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La Soledad is Venezuelan director Jorge Thielen Armand feature film debut. Having screened at Venice International Film Festival, Miami Film Festival (Audience Award) and Atlanta Film Festival (Special Jury Prize); as well as winning the Best Opera Prima and Best Sound Design at Festival del Cine Venezolano, this little movie following the lives of a very humble family trying to keep their house amidst the tragic situation of the country, sets the way for a quite promising film career.
La Soledad is the name of the old mansion Jose and his family live in. His grandma Rosita used to be the maid of the long gone wealthy family that once inhabited the house and knows all the legends regarding the place; as the morocota gold coins hidden treasure somewhere in the nowadays derelict garden. But Jose has no time for legends for he has a little daughter to take care of, a problematic brother bringing his shady friends around and a wife who is getting tired of her job and is considering moving out to Colombia. To top it off, the actual owners of the house want to demolish it to sell the land.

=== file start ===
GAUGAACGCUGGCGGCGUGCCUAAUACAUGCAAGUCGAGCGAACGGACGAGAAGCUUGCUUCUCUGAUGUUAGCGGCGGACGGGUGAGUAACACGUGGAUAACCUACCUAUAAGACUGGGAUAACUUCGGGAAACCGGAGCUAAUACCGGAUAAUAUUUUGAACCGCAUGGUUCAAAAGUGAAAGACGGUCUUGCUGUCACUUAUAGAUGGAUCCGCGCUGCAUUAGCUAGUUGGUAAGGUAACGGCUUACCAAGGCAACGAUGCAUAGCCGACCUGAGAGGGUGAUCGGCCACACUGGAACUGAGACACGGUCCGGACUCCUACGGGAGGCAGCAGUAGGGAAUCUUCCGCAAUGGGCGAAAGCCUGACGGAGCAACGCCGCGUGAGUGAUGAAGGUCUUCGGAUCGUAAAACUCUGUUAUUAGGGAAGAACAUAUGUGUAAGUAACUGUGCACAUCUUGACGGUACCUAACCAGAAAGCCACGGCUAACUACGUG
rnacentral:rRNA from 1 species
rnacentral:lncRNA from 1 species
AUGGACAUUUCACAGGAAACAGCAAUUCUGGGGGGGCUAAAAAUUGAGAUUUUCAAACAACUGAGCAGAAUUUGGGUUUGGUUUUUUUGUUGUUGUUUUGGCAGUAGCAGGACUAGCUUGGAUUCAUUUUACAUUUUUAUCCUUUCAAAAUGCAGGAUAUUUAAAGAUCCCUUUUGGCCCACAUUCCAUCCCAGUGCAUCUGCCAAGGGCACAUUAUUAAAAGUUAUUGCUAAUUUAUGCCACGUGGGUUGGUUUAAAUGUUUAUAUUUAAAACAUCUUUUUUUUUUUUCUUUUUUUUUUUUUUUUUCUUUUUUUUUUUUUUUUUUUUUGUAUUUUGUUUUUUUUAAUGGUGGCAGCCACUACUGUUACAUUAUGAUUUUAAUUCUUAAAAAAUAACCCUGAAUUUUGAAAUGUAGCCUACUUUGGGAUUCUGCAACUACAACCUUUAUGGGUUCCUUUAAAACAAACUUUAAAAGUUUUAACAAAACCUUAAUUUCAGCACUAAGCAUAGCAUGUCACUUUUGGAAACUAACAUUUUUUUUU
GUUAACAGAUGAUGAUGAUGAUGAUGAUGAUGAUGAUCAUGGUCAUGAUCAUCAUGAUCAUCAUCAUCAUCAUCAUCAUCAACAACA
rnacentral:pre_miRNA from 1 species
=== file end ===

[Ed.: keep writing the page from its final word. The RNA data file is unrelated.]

Jose keeps neglecting his daughter’s insistence about a beach trip they were supposed to have while facing endless queues in the town hall to ask for social benefits and empty supermarkets that serve as a subtle and never politically driven view of current Venezuela.
On that matter, there are brief and well placed lines of dialogue that give a darker insight such as one of the friends of Jose’s brother proposal to join him in his express kidnappings as-it’s the only thing that gives money nowadays. In addition, there are other not so elegantly showed but equally striking sequences that underline that point as the overcrowded hospital the main character takes his grandma to, unsuccessfully, get the medicines she needs.
That last scene of the movie shows Jose taking his wife and daughter to the beach and enjoying an isolate moment of peace while floating face up in the sea as the camera zooms out to, finally, fade to black.
La Soledad fits in the social realism genre frame but it is also half documentary as many of the actors play themselves in the film. It is sober, striking and beautiful. The movie delivers the message intended through its tone and lack of action and even though it gets a bit slow from time to time or some would argue the resolution is anything but resolute, the film stays faithful to its nature and portrays magnificently the poverty-stricken situation of Venezuela nowadays.